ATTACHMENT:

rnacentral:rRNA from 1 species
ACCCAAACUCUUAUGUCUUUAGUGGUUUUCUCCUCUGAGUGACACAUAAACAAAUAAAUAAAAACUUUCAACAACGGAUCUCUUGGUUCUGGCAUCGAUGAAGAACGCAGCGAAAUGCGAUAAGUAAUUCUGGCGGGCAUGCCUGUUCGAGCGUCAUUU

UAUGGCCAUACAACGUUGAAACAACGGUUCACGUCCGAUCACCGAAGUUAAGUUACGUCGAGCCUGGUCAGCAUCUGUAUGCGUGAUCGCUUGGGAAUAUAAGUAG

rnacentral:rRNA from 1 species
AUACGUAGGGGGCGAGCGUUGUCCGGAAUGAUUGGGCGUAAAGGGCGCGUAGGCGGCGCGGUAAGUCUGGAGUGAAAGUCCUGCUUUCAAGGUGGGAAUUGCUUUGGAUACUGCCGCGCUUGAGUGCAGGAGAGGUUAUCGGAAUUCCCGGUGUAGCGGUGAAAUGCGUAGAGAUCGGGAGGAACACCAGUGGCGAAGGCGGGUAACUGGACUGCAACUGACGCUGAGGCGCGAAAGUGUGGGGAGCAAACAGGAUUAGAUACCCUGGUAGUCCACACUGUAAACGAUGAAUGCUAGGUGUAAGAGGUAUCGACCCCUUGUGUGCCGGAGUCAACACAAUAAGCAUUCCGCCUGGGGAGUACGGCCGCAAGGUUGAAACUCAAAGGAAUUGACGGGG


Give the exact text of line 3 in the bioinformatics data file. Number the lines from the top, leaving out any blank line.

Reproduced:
UAUGGCCAUACAACGUUGAAACAACGGUUCACGUCCGAUCACCGAAGUUAAGUUACGUCGAGCCUGGUCAGCAUCUGUAUGCGUGAUCGCUUGGGAAUAUAAGUAG